The United States expressed concerns about peace and trade talks between Japan and Russia in recent months, pointing to western sanctions against Moscow which Tokyo has honored.
U.S. State Department spokesperson John Kirby said October 9 that "broadly speaking, it's not time for business as usual with Russia," as sporadic fighting continues between government forces and Russian-backed rebels in eastern Ukraine.
Kirby indicated that Japan's relations with Russia should proceed cautiously.
The deputy foreign ministers of Japan and Russia held seven hours of talks October 8, but they remained at odds over a long-running dispute over the Kuril Islands, which are claimed by both countries.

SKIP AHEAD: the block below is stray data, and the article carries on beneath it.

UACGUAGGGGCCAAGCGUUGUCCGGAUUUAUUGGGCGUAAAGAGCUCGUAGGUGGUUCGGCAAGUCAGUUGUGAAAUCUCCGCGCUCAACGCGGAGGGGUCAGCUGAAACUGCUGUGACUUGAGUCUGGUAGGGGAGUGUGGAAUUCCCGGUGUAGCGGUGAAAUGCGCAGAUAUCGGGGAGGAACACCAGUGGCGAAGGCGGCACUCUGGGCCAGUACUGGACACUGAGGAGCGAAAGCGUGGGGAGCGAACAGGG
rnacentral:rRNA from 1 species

Japanese Minister Shinsuke Sugiyama afterwards described the negotiations as "tough" and said the territorial dispute remains a sticking point.
Russian diplomats called the dialog "constructive," however, and were optimistic about concluding an accord with Japan. The Kremlin has been arranging a visit to Japan by Russian President Vladimir Putin this year.
Putin met recently with Japanese Prime Minister Shinzo Abe on the sidelines of the United Nations General Assembly in an attempt to revive economic ties.